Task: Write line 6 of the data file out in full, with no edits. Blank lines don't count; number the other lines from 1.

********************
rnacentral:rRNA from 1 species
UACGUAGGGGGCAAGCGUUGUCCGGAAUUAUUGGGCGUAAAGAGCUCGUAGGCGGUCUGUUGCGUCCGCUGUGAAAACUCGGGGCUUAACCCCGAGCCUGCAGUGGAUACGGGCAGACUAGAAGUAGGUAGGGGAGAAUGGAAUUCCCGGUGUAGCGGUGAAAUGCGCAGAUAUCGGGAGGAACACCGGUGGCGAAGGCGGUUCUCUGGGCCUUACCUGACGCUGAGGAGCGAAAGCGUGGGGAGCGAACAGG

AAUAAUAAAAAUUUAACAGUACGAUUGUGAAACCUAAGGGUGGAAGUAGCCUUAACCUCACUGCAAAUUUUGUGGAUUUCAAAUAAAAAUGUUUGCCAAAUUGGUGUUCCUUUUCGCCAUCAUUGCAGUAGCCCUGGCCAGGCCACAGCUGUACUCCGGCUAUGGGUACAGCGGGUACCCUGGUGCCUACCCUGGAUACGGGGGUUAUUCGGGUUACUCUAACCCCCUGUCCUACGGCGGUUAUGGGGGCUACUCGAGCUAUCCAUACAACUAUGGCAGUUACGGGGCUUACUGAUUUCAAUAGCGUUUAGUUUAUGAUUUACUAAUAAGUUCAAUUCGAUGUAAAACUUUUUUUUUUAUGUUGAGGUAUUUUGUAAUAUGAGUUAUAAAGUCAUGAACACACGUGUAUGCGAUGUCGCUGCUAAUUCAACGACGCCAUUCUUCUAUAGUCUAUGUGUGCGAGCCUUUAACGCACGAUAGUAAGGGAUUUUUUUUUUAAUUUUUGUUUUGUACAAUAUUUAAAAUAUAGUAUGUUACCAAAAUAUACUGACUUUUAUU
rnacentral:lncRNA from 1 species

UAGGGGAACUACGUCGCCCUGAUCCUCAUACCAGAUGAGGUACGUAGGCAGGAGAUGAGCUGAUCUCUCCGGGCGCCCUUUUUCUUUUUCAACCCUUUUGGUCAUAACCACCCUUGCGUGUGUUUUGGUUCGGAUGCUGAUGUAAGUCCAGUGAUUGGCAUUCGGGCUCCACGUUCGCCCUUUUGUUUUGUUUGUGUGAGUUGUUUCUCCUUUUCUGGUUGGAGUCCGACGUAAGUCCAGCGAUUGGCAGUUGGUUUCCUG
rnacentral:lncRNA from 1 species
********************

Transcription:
rnacentral:lncRNA from 1 species